City considering change to code regarding driveways

City Commissioners will consider a change to the land development code related to driveways during their Nov. 2 meeting.

The current code states: Alley Accessed Lots – For those properties which are served by an alley, no new driveways or expansions of existing driveways accessing the street are allowed unless authorized by both the city engineer and the director of planning and community development.

“The driving factor behind the proposed amendment to the driveway chapter of the land development code was a series of permit requests to construct street accessed driveways on properties located within the older neighborhoods that also have alley access. These requests brought to light a problematic provision within the driveway chapter,” according to the staff report.

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There are reasons why city codes restrict the ability of property owners to have street-accessed driveways when they already have alley access to parking areas and detached garages, including: preventing conflicts between vehicles backing out of driveways and vehicles using city streets; keeping the sidewalk network as intact as possible and reducing vehicle/pedestrian conflicts; and maintaining greenspace in the front yards and boulevards of older neighborhoods, according to the staff report.

But the current code provision for alley accessed lots is problematic because it both prohibits street accessed driveways in one passage, but allows city staff to override the code in the next passage.

“What is further problematic is that the provision does not provide any decision making criteria to assist city staff in potentially overriding the prohibition on street-accessed driveways,” according to the staff report.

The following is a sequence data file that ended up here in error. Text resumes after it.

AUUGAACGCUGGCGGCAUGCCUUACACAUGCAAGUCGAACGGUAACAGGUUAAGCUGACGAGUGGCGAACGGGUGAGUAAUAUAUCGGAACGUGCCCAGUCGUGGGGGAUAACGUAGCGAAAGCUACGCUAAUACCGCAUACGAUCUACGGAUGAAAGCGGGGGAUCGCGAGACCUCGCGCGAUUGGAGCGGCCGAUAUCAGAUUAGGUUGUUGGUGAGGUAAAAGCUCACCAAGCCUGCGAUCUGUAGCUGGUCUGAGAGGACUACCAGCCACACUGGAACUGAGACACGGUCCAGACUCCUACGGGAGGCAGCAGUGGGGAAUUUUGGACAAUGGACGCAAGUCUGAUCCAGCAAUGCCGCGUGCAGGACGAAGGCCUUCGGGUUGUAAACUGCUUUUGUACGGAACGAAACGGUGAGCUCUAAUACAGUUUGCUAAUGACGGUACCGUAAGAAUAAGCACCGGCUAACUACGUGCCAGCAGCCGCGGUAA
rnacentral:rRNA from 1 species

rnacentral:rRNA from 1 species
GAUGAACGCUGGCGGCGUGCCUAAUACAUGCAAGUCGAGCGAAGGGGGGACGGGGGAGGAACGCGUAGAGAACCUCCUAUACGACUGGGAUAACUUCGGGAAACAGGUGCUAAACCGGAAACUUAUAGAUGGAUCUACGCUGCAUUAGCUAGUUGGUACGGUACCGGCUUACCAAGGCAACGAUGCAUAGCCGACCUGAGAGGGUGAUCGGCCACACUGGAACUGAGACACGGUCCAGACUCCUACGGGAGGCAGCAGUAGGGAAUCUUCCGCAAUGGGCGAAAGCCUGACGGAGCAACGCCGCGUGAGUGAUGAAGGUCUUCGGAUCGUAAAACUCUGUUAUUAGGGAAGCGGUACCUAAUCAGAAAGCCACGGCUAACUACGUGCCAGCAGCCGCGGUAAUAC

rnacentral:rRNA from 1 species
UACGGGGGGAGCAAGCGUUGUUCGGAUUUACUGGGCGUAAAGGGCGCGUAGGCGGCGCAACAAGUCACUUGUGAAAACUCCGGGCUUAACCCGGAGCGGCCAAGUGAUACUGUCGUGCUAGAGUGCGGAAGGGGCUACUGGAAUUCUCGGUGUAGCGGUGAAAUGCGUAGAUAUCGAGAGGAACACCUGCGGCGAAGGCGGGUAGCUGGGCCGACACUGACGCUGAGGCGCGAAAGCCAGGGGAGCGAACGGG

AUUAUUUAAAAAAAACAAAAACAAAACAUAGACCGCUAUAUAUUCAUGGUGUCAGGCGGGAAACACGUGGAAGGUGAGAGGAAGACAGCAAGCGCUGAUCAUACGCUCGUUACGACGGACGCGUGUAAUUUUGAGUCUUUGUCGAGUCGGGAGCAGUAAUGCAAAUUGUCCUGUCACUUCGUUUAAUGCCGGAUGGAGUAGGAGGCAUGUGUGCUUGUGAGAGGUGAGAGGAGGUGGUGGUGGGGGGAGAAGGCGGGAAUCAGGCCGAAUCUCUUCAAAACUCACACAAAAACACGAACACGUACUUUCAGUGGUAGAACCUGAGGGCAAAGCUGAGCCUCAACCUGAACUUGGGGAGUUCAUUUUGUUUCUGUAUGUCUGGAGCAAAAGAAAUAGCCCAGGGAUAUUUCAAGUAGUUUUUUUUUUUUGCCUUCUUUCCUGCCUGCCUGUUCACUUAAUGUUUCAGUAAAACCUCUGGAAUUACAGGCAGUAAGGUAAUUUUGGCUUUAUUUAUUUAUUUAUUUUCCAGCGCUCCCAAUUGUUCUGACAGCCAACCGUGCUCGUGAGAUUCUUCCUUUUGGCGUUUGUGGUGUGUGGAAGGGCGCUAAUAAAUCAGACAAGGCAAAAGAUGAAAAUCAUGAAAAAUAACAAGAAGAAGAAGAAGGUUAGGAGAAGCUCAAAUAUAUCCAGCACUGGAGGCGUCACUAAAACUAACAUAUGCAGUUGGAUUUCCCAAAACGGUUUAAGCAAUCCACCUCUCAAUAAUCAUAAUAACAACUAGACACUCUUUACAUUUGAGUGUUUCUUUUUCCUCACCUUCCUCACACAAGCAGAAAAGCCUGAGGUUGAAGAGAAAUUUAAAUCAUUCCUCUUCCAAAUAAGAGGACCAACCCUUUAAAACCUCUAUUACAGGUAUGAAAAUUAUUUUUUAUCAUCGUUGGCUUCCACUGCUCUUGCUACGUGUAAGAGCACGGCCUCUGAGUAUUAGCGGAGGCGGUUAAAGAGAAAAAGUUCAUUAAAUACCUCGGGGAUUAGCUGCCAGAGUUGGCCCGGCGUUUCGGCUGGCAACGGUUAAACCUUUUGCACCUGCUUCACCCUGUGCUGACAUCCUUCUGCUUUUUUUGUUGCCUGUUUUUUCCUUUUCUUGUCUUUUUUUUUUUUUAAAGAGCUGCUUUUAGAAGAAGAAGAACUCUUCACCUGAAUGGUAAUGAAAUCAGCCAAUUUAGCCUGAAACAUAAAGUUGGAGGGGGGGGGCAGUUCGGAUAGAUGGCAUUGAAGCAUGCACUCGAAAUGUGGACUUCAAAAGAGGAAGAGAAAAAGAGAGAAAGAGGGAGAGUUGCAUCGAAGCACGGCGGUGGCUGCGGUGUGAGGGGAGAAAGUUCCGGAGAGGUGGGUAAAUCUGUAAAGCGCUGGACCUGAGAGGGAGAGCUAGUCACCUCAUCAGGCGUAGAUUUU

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The proposed code would state: for those properties which are served by an alley, a single street-accessed
driveway is allowed. The owner must obtain a permit, and the driveway shall be limited to no greater than 12 feet in width. Such driveway must be surfaced and maintained with Portland cement concrete, asphaltic concrete, or pavers. no new driveways or expansions of existing driveways accessing the street are allowed unless authorized by both the city engineer and the director of planning and community development.

It may cause interruptions in the curb, sidewalk and front yard area, but a 12-foot wide driveway in the front yard will only consume 24 percent of a typical 50-foot wide lot in the older neighborhood areas of Great Falls, according to the staff report.

Staff is proposing the amendment because:

  • there are a number of street blocks within older neighborhoods where street-accessed driveways already exist despite the presence of alley accessed driveways and garages. This creates an equity challenge for staff to deny certain requests.
  • freeing up some additional street parallel parking spaces in favor of more on-site parking does allow for easier snow removal and street sweeping.
  • creating more options for property owners to move recreational vehicles, campers, and boats off the street network will allow those owners a better opportunity to comply with the large vehicle ordinance recently adopted by the commission.

The city planning board voted unanimously during a September meeting to recommend approval of the proposed amendment. Staff also recommends approval.